What's Nishikigoi?

Water Quality?

Copyright by KD Nishikigoi 2010.  All rights reserved.
Carbon Dioxide
Carbon dioxide has a partial pressure in
dioxide has to go down. In water; NOT
Carbon dioxide has a partial pressure in SO.
You can have crazy CO2 levels with the air,
when oxygen goes up, carbon dioxide has
to go down. In water; NOT SO. You can
have crazy CO2 levels with high O2 levels
and vice versa or any mix.
The most amazing myth: “Don’t
oxygenate Show Tanks” because it
blows off carbon dioxide [carbonic acid],
raising the pH and causing the ammonia
to become more toxic.

Carbon Dioxide in Koi and Fish Ponds
Written by Dr Johnson

Carbon dioxide is produced by the respiration (not photosynthesis) of both
plants and animals. When you exhale, you produce Carbon Dioxide. Pretty
much the same with fish except they don't have bad breath like you do. LOL...

One interesting thing about water is
that Carbon Dioxide levels can exist
independently from the Oxygen
concentration. For example, you can
have water with plenty of Oxygen, but
which also has a lot of Carbon Dioxide.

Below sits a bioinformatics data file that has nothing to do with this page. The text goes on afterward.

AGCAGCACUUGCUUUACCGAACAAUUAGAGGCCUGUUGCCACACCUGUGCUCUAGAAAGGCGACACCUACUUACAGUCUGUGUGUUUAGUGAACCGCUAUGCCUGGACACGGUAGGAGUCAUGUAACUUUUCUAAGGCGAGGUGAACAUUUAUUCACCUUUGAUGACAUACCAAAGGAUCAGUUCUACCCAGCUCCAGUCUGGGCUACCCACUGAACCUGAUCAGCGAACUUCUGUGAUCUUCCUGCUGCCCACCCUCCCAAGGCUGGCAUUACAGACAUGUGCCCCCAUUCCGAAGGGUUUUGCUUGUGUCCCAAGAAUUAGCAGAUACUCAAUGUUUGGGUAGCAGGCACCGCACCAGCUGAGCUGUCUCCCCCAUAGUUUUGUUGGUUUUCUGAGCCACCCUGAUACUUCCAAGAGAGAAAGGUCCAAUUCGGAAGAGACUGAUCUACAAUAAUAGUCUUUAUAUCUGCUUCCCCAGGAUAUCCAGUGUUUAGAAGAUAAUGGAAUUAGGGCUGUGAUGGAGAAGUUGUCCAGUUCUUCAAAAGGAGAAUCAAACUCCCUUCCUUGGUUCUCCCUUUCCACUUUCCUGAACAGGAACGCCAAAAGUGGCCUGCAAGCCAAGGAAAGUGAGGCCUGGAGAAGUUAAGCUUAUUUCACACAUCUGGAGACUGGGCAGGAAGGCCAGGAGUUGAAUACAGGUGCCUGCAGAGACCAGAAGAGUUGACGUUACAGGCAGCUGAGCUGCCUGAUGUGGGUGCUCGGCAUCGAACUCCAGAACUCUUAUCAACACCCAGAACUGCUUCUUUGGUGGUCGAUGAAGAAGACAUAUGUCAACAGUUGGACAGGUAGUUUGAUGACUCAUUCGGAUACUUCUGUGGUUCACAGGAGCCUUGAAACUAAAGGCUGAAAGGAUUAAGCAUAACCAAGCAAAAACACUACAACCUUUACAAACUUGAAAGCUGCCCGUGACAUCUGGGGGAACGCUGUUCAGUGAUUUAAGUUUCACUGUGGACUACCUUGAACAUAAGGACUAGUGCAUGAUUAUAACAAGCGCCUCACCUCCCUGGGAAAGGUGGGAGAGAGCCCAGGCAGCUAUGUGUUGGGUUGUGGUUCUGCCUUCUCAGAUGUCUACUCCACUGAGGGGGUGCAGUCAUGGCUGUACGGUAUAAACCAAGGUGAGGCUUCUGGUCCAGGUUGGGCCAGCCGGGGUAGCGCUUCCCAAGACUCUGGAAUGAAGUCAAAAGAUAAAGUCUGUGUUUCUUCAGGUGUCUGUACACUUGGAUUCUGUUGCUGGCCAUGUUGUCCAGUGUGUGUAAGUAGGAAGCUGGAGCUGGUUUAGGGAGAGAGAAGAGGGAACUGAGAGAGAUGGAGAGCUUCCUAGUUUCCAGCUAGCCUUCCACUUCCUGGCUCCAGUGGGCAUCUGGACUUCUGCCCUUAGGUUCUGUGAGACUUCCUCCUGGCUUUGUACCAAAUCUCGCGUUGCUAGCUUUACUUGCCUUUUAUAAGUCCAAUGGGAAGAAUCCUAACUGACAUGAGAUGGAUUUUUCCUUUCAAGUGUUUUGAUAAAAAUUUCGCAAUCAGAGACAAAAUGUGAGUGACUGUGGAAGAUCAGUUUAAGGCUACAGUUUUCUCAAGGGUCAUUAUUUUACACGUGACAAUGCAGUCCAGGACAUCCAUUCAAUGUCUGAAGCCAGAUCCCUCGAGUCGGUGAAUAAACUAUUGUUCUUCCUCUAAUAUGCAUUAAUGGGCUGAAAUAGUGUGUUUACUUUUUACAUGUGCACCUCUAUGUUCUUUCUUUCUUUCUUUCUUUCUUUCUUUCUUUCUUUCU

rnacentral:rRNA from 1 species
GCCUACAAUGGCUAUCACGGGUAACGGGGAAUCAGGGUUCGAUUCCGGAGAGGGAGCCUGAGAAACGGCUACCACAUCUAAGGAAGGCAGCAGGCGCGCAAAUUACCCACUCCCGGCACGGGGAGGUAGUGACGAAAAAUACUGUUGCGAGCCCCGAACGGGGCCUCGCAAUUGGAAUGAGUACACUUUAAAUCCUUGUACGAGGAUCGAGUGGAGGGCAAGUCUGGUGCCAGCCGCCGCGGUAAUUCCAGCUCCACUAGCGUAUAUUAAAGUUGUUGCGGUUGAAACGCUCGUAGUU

Carbon Dioxide likes to do one thing in water. It likes to convert to carbonic
acid. When it does this, it tends to affect pH by bringing it down into the acid
range. So, a bunch of fish breathing in a small tank with minimal circulation
and surface agitation may actually accumulate sufficient carbon dioxide to
drag down the pH due to the carbonic acid equilibrium that will result.

Removal of carbon dioxide (with its carbonic acid behavior) by increasing
surface exposure and gas exchange will remove the carbonic acid and may
raise the pH above neutral.

Do you remember in the discussion of Ammonia when I mentioned that
Ammonia is more toxic at a higher pH? Well, this created a problem for
some fish once. Someone had the idea that if you deprive the fish of
aeration, you will preserve a high carbon dioxide level. The carbon dioxide
level will keep a higher carbonic acid level, which will keep the pH down. The
lower pH will ionize the Ammonia to Ammonium and preserve the fish from
Ammonia damage at shows.

So, at least for a while, it was a widely perpetrated myth to enjoy gasping fish
at shows, and use autogenous Carbonic acid to lower the pH, rather than do
a water change to remove the threat from Ammonia.

*brought to you by koivet.com